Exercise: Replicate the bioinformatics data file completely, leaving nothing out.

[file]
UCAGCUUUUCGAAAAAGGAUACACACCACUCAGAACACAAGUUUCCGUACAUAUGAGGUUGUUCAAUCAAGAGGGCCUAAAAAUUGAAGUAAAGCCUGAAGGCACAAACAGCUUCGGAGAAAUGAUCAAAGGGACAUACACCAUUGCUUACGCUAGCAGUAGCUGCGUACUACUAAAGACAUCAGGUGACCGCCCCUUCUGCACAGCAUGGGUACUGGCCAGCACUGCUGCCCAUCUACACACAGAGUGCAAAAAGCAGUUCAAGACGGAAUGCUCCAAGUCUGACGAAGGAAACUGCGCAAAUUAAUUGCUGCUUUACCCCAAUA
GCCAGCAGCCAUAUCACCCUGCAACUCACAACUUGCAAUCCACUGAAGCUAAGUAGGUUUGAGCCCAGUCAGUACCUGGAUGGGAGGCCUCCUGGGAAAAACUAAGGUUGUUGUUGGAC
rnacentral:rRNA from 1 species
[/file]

UCAGCUUUUCGAAAAAGGAUACACACCACUCAGAACACAAGUUUCCGUACAUAUGAGGUUGUUCAAUCAAGAGGGCCUAAAAAUUGAAGUAAAGCCUGAAGGCACAAACAGCUUCGGAGAAAUGAUCAAAGGGACAUACACCAUUGCUUACGCUAGCAGUAGCUGCGUACUACUAAAGACAUCAGGUGACCGCCCCUUCUGCACAGCAUGGGUACUGGCCAGCACUGCUGCCCAUCUACACACAGAGUGCAAAAAGCAGUUCAAGACGGAAUGCUCCAAGUCUGACGAAGGAAACUGCGCAAAUUAAUUGCUGCUUUACCCCAAUA
GCCAGCAGCCAUAUCACCCUGCAACUCACAACUUGCAAUCCACUGAAGCUAAGUAGGUUUGAGCCCAGUCAGUACCUGGAUGGGAGGCCUCCUGGGAAAAACUAAGGUUGUUGUUGGAC
rnacentral:rRNA from 1 species